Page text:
FourByLand

Expedition Leader
#10
Snow Peak

Mr. Brady... (I don't know why I am still calling you that but whatever.)

I had issues with our previous cookset and will just leave it at that but have decided to go with the Snow Peak field cook set and was wondering if you had a photo of it compacted, just curious to see.

Have you used it? How well does it "non stick" and how evenly does it cook?

Thanks
 
#11
The Ti kits are nice. Super lightweight, however, they are not the best to cook with. It seems they don't heat up fast or evenly.

I've got a MSR non-stick set. Very light, and nests together into a compact package.
 

paulj

Expedition Leader
#12
If you are hard on gear, avoid titanium. The metal is tough, but the pots are made from the thinnest sheet possible, both because of the cost, and the weight savings. These pans are aimed at backpack packers who want the lightest possible gear. Rough use may not break them, but certainly will dent them.

I am probably too careful with my gear to give advice, but:
- all my kitchen gear is carefully packed in a plastic storage bin (8 gal RM). This maximizes the amount of gear that can fit an given space, but also keeps it from banging around
- my main pots are the aluminum ones that came with the stove, an alcohol Trangia stove set. For the main task of boiling water, non-stick is not necessary.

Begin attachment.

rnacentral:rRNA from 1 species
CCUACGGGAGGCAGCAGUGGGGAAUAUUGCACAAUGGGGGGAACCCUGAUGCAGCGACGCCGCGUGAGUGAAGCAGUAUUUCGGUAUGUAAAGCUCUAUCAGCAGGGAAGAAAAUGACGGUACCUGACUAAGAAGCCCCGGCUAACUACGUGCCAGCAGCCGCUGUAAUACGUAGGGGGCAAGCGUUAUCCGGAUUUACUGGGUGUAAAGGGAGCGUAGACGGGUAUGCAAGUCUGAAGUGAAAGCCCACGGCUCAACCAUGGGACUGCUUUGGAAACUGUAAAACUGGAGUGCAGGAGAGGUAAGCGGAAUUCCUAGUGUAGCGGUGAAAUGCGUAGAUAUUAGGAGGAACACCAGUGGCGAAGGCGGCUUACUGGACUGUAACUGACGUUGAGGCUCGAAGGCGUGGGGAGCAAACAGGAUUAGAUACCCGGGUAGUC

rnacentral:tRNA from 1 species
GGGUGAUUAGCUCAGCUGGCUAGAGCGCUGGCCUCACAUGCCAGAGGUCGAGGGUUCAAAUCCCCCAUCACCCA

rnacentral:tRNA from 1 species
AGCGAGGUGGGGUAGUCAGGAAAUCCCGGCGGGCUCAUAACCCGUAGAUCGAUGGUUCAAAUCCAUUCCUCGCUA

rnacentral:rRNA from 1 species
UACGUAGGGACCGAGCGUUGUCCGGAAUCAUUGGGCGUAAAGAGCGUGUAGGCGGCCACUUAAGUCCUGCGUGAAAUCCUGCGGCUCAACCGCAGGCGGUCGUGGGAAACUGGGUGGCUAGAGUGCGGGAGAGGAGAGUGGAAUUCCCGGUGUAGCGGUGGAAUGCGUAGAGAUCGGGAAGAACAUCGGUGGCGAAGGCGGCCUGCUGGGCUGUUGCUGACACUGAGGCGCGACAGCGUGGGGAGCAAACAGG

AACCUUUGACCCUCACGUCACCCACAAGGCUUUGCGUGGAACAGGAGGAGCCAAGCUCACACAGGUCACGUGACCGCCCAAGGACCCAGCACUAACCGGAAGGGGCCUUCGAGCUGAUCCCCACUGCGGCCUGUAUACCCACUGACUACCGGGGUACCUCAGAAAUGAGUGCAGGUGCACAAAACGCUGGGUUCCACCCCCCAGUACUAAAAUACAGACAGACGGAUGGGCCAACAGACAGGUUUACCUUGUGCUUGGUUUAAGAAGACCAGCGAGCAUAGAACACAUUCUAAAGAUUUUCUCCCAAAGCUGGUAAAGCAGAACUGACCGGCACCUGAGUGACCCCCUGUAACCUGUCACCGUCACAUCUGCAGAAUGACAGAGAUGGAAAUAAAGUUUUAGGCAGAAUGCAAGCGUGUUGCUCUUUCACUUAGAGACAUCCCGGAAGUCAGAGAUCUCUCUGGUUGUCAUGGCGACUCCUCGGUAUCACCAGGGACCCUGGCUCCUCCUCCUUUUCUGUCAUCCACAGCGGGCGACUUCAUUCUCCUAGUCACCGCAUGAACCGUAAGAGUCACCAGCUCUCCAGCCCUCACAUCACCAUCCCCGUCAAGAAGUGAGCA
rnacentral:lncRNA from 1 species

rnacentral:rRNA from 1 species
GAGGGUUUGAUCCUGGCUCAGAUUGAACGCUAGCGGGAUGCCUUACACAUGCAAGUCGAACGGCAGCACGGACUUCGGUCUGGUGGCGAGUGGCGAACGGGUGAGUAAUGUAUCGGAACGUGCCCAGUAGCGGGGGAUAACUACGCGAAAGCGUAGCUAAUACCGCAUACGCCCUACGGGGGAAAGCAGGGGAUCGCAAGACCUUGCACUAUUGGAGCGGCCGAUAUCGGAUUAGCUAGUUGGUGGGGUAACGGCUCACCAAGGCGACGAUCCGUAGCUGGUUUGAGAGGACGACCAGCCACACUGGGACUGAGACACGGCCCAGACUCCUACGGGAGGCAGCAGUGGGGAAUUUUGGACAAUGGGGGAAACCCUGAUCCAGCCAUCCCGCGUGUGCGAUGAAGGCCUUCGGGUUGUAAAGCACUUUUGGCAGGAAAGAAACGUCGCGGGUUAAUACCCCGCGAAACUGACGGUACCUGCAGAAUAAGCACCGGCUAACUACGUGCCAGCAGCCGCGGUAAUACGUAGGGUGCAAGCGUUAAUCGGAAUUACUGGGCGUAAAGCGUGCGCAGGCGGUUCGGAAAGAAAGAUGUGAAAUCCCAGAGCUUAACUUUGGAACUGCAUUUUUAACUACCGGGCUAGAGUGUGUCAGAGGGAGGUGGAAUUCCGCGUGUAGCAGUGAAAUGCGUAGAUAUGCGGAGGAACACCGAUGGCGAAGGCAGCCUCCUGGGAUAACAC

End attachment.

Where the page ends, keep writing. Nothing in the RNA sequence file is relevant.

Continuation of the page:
- for foods that stick, like scrambled eggs, I like to use a small GSI non-stick wok. I pack that carefully in a plastic bag to minimize scratching.
- I also have a GSI hard anodized 10" dutch oven. Hard anodized is better than stainless steel or bare aluminum when it comes to sticking, though not quite as good as well seasoned cast iron or PTFE.

- I like the inexpensive GSI plastic plates and bowls. They are lighter and more flexible than their lexan bowls, but I have yet to break one. Plus the plastic cleans very easily.
- I also have several inexpensive aluminum plates (from REI). I've used one for years as a heat shield under the stove, and got a couple of more because they nestled well with the rest of the gear.
- another durable choice for table ware is (blue) speckled enameled steel. Coleman sells these, though most of what I have is distributed by GSI. Mexico is a major producer. It is also a good choice for pots and pans, even coffee pots.
- restaurant supply stores are a good source for sturdy sauce pans and fry pans, usually thick aluminum. However they can be awkward to pack.

paulj
 

ntsqd

Heretic Car Camper
#13
Even though it really takes shavings or a flame beyond that obtainable with a camp stove, my reaction to exposing Ti to flame is "Ah, no thanks!".

I once read that Napoleon had an aluminum spoon because at the time it was a far more exotic metal than silver. I sort of feel the same way about a Ti spoon. But then I can't back-pack either....

My own cookware is a hodge-podge of stuff from stores like Big Lots, $.99 Store, etc. Service is a 4 place cheap set of home use service stored in a rectangular Tuperware along with the can opener, spare lighters, and a couple steak knives. Must admit though that I've been searching the forum & elsewhere for ideas to better pack it all into a smaller yet more usable system.
 
#14
spressomon said:
I have not seen this pot/pan set before: Neat! How do you isolate the pans from each other when transporting so that the bottom of one pan isn't rubbing/scraping/scratching the non-stick portion of the top of another?
I use the thin foam that the cook set came with. It prevents scratches, no noise, and everything packs away snug (the small pot in the center stays in the center).